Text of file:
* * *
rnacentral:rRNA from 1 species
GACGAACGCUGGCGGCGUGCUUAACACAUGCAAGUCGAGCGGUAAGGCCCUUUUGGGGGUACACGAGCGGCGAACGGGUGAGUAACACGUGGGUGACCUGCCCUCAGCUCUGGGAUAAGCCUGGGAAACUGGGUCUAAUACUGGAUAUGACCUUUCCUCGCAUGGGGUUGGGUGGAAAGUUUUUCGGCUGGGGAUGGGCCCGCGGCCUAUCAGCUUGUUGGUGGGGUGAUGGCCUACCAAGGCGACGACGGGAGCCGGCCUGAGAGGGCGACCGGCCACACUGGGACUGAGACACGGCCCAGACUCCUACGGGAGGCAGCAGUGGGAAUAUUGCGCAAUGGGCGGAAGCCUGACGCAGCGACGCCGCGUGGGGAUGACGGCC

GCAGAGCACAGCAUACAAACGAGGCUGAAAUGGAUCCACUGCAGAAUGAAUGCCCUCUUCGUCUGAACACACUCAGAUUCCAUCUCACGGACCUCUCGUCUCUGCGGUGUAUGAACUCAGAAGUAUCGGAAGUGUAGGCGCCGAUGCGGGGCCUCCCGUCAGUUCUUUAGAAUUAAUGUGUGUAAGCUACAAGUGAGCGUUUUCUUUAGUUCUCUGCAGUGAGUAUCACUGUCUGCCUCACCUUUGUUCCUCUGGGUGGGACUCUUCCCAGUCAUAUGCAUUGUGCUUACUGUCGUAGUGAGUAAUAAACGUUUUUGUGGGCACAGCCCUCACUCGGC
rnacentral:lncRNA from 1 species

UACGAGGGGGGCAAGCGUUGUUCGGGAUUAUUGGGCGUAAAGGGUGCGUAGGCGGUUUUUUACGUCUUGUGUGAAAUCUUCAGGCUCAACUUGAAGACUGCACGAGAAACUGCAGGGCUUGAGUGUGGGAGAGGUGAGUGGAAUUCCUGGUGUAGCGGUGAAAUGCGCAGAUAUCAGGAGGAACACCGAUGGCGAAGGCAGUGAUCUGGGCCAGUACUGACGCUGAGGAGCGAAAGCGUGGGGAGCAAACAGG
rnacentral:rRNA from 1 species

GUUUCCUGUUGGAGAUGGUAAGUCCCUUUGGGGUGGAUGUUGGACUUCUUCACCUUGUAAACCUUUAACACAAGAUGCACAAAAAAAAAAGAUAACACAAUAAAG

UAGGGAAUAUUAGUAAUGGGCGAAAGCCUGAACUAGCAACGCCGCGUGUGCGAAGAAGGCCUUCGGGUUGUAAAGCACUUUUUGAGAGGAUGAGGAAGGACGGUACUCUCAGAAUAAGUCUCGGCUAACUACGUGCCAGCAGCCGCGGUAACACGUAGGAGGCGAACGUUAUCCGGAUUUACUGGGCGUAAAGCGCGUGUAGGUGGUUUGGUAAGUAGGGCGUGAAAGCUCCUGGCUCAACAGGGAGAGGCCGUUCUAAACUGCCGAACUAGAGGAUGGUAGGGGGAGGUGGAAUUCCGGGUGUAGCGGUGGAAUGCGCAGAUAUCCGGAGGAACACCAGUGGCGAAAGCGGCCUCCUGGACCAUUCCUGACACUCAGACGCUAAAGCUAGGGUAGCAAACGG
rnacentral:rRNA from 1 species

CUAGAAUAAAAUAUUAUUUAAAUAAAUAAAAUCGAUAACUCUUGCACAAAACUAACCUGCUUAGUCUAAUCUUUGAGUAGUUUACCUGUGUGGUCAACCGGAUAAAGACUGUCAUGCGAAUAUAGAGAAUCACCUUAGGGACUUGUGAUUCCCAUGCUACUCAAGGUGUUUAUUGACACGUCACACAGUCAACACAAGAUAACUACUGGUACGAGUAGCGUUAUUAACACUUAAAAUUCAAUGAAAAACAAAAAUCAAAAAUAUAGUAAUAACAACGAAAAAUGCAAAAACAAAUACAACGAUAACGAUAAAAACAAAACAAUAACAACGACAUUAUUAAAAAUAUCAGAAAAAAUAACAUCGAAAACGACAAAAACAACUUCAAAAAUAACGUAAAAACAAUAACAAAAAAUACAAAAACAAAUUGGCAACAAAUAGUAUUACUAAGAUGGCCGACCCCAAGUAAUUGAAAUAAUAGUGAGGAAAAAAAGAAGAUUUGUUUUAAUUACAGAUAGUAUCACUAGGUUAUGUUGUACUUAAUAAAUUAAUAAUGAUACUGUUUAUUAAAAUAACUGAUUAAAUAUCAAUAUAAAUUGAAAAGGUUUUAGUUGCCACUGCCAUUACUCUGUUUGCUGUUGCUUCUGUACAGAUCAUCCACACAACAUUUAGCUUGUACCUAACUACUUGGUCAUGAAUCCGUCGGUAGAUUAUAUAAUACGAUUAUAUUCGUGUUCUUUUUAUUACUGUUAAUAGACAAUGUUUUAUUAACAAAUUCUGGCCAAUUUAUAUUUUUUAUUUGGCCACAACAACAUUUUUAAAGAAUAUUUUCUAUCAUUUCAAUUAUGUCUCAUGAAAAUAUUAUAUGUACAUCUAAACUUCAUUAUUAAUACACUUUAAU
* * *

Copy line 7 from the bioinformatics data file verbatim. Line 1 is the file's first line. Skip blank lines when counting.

GUUUCCUGUUGGAGAUGGUAAGUCCCUUUGGGGUGGAUGUUGGACUUCUUCACCUUGUAAACCUUUAACACAAGAUGCACAAAAAAAAAAGAUAACACAAUAAAG